Water Quality in the Central Columbia Plateau, Washington and Idaho, 1992-95

Table of contents || Previous section || Next section || Glossary

Major issues and findings -
The influence of ground water on surface-water quality

Some pesticides in surface water come from ground water

Like nitrate, soluble pesticides such as atrazine, metribuzin, and simazine can leach to ground water in the Quincy-Pasco subunit and later be transported to agricultural wasteways [2, 20]. Atrazine present in EL68D Wasteway during base flow comes from ground-water discharges to the wasteway (fig. 26).

Ground-water discharges make up a large percentage of the total load of some compounds transported by a wasteway. About 40 percent of the atrazine discharged annually by EL68D Wasteway enters via the ground water. For Crab Creek Lateral, the percentages for atrazine and other compounds are somewhat lower (table 3).

In summer, the wasteways also carry unused irrigation water and runoff of excess irrigation water that contains additional pesticides from the fields.

Streamflow and atrazine concentrations, 1993-94

Figure 26. Concentrations of atrazine, a soluble pesticide, do not decrease during base flow.

Table 3. Estimated contributions of ground-water discharges to annual load [N, Nitrogen; %, percent]




Crab Creek













Sampling surface water monitors ground-water quality cost-effectively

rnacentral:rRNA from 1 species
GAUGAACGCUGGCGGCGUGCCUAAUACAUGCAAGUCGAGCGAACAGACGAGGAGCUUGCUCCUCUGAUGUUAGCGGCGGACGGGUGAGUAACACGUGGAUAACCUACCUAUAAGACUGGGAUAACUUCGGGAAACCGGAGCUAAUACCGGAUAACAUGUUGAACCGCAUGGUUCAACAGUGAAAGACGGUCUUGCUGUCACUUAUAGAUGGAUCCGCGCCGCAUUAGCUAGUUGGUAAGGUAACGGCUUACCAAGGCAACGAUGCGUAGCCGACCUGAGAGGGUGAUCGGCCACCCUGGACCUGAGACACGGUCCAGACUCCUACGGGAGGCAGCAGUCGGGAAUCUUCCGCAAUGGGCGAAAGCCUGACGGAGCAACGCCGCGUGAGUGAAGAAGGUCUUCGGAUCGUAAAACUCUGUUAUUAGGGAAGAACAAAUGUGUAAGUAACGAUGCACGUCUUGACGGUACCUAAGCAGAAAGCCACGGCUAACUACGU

Ground-water quality is highly variable, requiring many samples to detect trends; therefore, it may be advantageous to sample surface drains during winter to monitor trends in ground-water quality. Sampling discharges from subsurface field drains, which collect and drain ground water to prevent waterlogging of fields, may also be useful. Figure 27 shows median concentrations of pesticides, nitrate, and chloride were similar (and usually not statistically different) among samples from monitoring wells, subsurface drains, and wasteways sampled during winter base flow. Concentrations in samples from wells usually varied the most because these samples represent only a small part of the aquifer. Because waters in wasteways and subsurface drains represent the largest ground-water volumes, concentrations in these samples usually varied the least; therefore, fewer samples are necessary for trend analysis.

For examples using nitrate concentrations in wasteways to infer trends in nitrate in ground water, see page 9.

Table/graph: atrazine, deethylatrazine, metribuzin, simazine, nitrate,
 and chloride (12,149 bytes)

Figure 27. Median concentrations of pesticides, nitrate, and chloride are similar in ground water, subsurface drains, and surface water sampled during base flow.

U.S. Geological Survey Circular 1144

Table of contents || Previous section || Next section || Glossary

Suggested citation:
Williamson, A.K., Munn, M.D., Ryker, S.J., Wagner, R.J., Ebbert, J.C., and Vanderpool, A.M., 1998, Water Quality in the Central Columbia Plateau, Washington and Idaho, 1992-95: U.S. Geological Survey Circular 1144, on line at <URL:>, updated March 3, 1998.

This page is a subpage of <URL:>
Email questions and comments to
Last modified: Thu Jul 9 14:23:32 1998